How real is the promise of the Customs Union?
The Eurasian Development Bank has highlighted the systemic as well as sector-specific economic advantages of Ukraine’s membership in the Customs Union. Other economic analyses are not as optimistic. While this is a complex issue, several points stand out.
The Eurasian choice might benefit sectors in Ukraine with strong dependencies on the Russian market. Yet, it will not be a costless option. Ukraine has relatively low trade tariffs and imports technologically sophisticated goods from the EU. These goods are important for Ukraine’s modernisation. Because of trade diversion, the Eurasian choice would result in a decrease of EU imports and increase (of lower quality items) from the Eurasian market and, above all, Russia.
More importantly, the Customs Union fails to address the modernisation of domestic institutions. Underestimated by many observers, the Customs Union has led to the adoption of new customs regulations aligned with international norms and has thus been an important vehicle for domestic legal reform. Yet, as many years of transition studies show, changing laws on the books does not necessarily lead to improved business practices and implementation. The Customs Union does not purport to change the nature of domestic institutions in the manner that the EU does. The powers and functioning of customs authorities, for example, remains a domestic matter. The Customs Union strives for improved coordination and exchange of information, but it is coordination of what is in place. Additional agreements aiming at capacity building might be put in place but they are clearly the subject of a process of separate negotiations with its own (geo)political dynamics.
While the importance of rule-compliance is noted (at least by experts in the permanent regulator of the Union, the Eurasian Economic Commission) it has been insufficiently addressed. The prevailing view is that if a high political decision is made, the authority of the Presidents will ensure its implementation. Clearly, despite the various monitoring powers granted to the Commission and the Court of the Eurasian Economic Community, access to the highest political level is the best way to get things done. It is direct access to the top that will ensure discipline rather than dependence on rule-based compliance by domestic institutions, as is the case in the West. Thus, the inescapable fact is that the Customs Union is based on (and perpetuates) the politically centralised model prevailing in most post-Soviet states.
The speed with which the Eurasian project has developed is noteworthy – often, the quality of the institutional and legal design has been sacrificed to ensure that deadlines are met. Its current legal regime is over-complex and fragmented (see our book Eurasian Economic Integration: Law, Policy and Politics [click here to download Chapter 1]). There is the promise of the codification and simplification of that regime going on in parallel to the drafting of the Treaty on the Eurasian Economic Union, itself subject to tight deadlines and an ambitious agenda for cooperation.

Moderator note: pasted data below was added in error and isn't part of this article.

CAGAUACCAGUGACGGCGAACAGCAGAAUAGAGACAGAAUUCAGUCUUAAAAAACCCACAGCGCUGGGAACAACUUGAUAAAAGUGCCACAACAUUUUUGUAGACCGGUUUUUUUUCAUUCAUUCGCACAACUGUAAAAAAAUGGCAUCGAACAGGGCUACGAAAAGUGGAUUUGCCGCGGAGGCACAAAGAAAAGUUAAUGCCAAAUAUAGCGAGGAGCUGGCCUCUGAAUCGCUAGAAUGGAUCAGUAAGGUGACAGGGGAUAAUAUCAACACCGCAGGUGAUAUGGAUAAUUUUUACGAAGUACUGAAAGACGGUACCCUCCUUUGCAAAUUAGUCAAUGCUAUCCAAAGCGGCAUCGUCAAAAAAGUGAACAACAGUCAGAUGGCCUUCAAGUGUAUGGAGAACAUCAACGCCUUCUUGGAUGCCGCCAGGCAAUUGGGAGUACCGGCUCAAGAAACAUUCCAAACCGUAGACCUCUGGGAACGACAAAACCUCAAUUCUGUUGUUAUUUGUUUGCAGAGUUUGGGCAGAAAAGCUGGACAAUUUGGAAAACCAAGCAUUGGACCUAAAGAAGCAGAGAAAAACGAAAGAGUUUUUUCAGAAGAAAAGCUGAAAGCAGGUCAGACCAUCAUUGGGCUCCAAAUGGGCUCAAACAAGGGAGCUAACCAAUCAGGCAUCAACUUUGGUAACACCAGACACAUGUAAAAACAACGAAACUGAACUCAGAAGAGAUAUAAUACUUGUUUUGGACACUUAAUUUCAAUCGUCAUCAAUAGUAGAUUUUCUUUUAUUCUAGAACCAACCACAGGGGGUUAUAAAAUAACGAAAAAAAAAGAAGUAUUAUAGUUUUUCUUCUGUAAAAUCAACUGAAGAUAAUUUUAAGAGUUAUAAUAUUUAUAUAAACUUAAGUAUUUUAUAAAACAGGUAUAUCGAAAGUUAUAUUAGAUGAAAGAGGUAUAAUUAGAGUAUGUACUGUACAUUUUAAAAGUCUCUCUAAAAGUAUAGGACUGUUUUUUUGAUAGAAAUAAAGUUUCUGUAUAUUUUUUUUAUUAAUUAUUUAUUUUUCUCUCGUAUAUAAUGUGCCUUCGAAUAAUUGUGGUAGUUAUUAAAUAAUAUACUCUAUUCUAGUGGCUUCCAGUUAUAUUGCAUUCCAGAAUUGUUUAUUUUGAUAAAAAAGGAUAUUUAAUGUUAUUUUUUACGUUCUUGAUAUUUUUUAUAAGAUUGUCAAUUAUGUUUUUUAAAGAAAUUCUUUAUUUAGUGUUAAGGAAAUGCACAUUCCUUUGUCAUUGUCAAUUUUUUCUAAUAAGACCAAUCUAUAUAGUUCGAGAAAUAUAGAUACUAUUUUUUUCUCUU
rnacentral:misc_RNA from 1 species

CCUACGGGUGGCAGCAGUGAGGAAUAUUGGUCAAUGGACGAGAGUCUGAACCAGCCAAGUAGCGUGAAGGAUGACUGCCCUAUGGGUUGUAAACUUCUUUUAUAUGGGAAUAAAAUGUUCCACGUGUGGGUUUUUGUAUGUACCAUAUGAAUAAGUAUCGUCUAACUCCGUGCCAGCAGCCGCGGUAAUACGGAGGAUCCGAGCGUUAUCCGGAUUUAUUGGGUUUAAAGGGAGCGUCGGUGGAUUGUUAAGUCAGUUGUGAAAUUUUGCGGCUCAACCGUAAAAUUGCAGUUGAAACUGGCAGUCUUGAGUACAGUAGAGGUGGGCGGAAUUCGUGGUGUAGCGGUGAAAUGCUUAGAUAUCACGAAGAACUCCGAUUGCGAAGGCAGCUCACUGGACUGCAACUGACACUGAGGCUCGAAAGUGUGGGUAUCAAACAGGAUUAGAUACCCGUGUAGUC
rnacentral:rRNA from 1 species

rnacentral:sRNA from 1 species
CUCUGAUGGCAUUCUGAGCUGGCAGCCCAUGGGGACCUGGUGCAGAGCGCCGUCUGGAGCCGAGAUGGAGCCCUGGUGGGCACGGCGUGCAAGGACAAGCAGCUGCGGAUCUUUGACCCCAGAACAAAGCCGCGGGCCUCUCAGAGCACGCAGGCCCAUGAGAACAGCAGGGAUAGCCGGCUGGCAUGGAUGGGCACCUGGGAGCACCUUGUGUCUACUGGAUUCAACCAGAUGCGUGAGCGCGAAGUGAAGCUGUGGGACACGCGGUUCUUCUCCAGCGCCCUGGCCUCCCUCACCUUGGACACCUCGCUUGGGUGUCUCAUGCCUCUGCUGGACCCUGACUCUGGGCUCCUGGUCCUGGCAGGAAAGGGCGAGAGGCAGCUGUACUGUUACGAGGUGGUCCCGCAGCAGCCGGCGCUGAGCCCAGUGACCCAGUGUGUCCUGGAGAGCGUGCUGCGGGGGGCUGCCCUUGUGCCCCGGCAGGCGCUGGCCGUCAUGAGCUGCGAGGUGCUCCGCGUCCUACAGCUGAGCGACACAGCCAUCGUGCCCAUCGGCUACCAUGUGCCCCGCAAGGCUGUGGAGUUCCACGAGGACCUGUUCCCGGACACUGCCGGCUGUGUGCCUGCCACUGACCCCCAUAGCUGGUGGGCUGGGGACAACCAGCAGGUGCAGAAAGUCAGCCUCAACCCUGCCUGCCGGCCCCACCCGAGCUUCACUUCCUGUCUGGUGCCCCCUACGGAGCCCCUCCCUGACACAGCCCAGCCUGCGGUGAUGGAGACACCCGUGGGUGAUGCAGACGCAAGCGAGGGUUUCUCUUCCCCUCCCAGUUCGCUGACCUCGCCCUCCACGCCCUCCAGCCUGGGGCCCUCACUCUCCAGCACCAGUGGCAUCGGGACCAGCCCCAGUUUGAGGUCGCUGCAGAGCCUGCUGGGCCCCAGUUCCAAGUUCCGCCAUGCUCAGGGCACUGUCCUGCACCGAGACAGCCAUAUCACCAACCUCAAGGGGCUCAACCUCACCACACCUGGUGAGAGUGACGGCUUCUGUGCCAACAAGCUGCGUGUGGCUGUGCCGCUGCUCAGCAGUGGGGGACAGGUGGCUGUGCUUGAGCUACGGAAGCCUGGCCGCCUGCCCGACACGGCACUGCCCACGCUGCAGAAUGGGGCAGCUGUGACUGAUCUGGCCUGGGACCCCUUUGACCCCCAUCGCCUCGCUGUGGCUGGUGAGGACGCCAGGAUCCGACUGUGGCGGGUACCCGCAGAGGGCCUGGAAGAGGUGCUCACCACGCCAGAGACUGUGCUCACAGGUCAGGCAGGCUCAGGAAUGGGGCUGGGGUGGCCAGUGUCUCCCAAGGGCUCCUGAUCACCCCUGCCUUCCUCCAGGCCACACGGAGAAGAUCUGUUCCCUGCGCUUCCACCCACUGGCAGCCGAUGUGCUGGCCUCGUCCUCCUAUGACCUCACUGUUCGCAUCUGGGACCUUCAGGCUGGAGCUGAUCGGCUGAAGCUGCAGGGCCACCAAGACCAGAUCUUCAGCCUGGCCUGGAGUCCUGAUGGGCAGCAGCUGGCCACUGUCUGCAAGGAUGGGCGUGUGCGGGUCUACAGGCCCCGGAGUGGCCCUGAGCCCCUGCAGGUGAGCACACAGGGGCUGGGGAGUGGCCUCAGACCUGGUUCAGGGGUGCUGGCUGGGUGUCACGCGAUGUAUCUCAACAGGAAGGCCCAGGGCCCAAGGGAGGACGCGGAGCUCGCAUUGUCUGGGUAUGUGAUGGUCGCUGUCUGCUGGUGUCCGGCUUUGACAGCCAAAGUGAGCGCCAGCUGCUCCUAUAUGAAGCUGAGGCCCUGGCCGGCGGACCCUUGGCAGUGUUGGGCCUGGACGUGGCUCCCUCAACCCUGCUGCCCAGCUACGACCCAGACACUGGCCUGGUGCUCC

Finally, particularly as far as sensitive issues are concerned, it is consensus at the highest level that determines decisions. Asymmetries in bargaining power may be somewhat constrained, yet Russia ultimately remains able to shape trade-offs. In areas which remain subject to bilateral cooperation, such as energy, the multilateral framework is very ‘thin’ at present: in that field, Ukraine would remain one-on-one with Russia.
Thus, even if one accepts the optimistic scenarios emanating from Ukraine’s membership of the Customs Union, the realisation of the predicted benefits is far from guaranteed. Whether the current Ukrainian government realises this remains to be seen.
This article originally appeared at the Elgar blog
Note: This article gives the views of the authors, and not the position of EUROPP – European Politics and Policy, nor of the London School of Economics.
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Rilka Dragneva – University of Birmingham
Rilka Dragneva is a Senior Lecturer in Law at the School of Law in the University of Birmingham.
Kataryna Wolczuk – University of Birmingham
Kataryna Wolczuk is a Reader in Politics and International Studies at the Centre for Russian and East European Studies in the University of Birmingham.